State says reviews must be complete by spring
In the wake of continued nationwide protests against the use of force by police officers, Gov. Andrew Cuomo last month ordered municipalities and counties to submit plans for reform in their law-enforcement agencies.
The deadline is April 1, or just over eight months away. That’s a tight timeline on its own but more so in Beacon, where city officials are looking for a new chief following the retirement on July 7 of Kevin Junjulas, a Cold Spring resident who had held the position since 2018.
Juggling the state deadline and a 90-day agreement with an interim chief who was named the day before Junjulas left, the city will be challenged to move forward on both tracks, said Beacon Mayor Lee Kyriacou.
On Monday (July 13), Kyriacou laid out for the City Council a tentative timeline to meet the state requirement. It shows city officials spending much of the rest of the year collecting data and identifying areas for change, and includes two opportunities for public input — during meetings this fall and before the adoption of the reform plan in the spring.
Ideally, the council will have named a new police chief before the fall stakeholder forums, he said.
Cuomo’s order requires cities, counties, towns and villages to review police deployments, strategies and policies, including the use of force, de-escalation training and practices, bias awareness and violence prevention. Police leadership; community members, with an emphasis on representatives from heavily policed areas; nonprofit and faith-based groups; and district attorneys’ and public defenders’ offices must be among the groups involved in the review.
In Cold Spring, Mayor Dave Merandy said at a Village Board meeting on Tuesday (July 14) that Putnam has asked the village to join a county-wide group to work collectively on the reports. “I’m not sure we will join,” he said, noting that Cold Spring may have different areas of concern than other municipalities such as Kent or Carmel.
Trustee Lynn Miller also expressed reservations. “The makeup of our Police Department is probably different than Carmel or Brewster,” she said. “And what we’re dealing with here is probably significantly different.”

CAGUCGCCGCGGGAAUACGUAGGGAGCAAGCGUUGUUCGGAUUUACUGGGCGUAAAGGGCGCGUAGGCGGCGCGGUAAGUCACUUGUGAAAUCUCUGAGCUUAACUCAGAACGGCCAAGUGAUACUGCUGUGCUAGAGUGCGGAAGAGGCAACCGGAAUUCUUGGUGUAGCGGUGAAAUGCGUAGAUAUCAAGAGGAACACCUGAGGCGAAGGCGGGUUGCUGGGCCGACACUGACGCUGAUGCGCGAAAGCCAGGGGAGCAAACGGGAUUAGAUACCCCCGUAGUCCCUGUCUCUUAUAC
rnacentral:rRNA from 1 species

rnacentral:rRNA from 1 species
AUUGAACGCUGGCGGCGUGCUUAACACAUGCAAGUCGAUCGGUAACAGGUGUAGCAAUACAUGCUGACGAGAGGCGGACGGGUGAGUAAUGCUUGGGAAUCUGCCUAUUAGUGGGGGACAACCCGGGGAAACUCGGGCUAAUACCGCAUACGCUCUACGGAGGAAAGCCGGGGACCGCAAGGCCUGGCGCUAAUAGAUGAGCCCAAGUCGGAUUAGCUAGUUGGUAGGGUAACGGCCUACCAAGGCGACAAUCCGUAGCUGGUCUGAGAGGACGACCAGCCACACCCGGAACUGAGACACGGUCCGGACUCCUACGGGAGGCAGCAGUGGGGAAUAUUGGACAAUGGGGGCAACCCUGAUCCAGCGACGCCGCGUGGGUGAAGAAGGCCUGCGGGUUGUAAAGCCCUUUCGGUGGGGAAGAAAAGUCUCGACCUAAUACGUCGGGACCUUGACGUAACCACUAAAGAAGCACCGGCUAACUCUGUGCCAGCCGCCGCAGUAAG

At the same time, representatives from three groups — Putnam Pride, Putnam Progressives and Putnam County Patriots for Immigration Reform — on July 13 jointly wrote to Merandy, as well as County Executive MaryEllen Odell, the mayor of Brewster and the supervisors of Kent and Carmel “to request that representatives of the LGBTQ+; Latino; black; Asian; Native American; and Jewish communities, as well as people living with mental illness and physical disabilities, in addition to other underrepresented groups in Putnam, be included in each of the respective groups of stakeholders.” (Odell responded here.)
In Beacon, the timeline Kyriacou shared during the council’s meeting has its reform plan being drafted in December and January, with council and public review to follow before the document is adopted.
One scenario, the mayor suggested, could see the city hire consultants to gather and conduct the initial analysis of some data, while the council would prioritize the areas most in need of change.
While the state order asks municipalities to focus on racial bias and disproportionate policing of communities of color, Council Member Dan Aymar-Blair said it doesn’t address Beacon residents’ more urgent concerns.
“The feedback that we’re hearing certainly extends beyond the stuff that the governor has identified,” he said. “I’d like to fast-track things that are directly related to race. Nine months for racial justice is not what I’m hearing from people.”
Michael Turton contributed reporting.
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